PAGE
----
Tuesday, 29 November 2016

How To Avoid Workplace Christmas Party Nightmares

It’s fair to say that the workplace Christmas party gets its fair share of bad press. From punch-ups and offensively drunk staff, through to extra-marital activities and unwanted advances, we’ve all heard the horror stories. Depending on just how cautious you like to be, you might think that you’d be better off cancelling the whole thing and saving yourself the headache.

But before you rush into anything, remember that your staff have worked hard, and they deserve an opportunity to let their hair down. A festive get-together could prove to be just what you need to show your appreciation of their efforts and boost morale. What’s important here is that you’re suitably prepared. Here’s what you need to consider…

Remind your staff of your standards
At the end of the day, your staff are adults and should know how to conduct themselves at work and in related social situations, but there’s no harm in reminding them. This is about ensuring that everyone understands what’s acceptable, and what will happen if behaviour falls below the required standards. Now could be a good time to remind your employees about what’s expected from them.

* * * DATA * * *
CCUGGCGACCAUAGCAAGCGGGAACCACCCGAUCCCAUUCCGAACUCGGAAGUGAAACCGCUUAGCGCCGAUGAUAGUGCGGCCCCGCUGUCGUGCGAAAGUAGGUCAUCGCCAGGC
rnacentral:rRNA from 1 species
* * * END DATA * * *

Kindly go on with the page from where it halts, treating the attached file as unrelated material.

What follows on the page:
Get yourself organised
Planning is extremely important, so be sure to consider absolutely everything. From where you’ll hold the event, through to how people will get home safely at the end of the evening, through to the arrangements for being in work the next day, problems can often be avoided if you’ve considered your approach in advance.

It makes sense to get your staff involved in the planning process, to ensure that their views are taken into account and they have the option to contribute ideas.
Consider differing preferences
A night of drinking isn’t everyone’s idea of a good time, so do think about how you can make the event appeal to your diverse workforce. If you’re providing catering, consider any dietary requirements. You’re never going to be able to please everyone, especially if you have a large team, but it makes sense to consider tastes and preferences.

Finally, on this point, attendance at a Christmas party should never be mandatory, so don’t make your staff feel like they’re obliged to make an appearance.

Relax a little!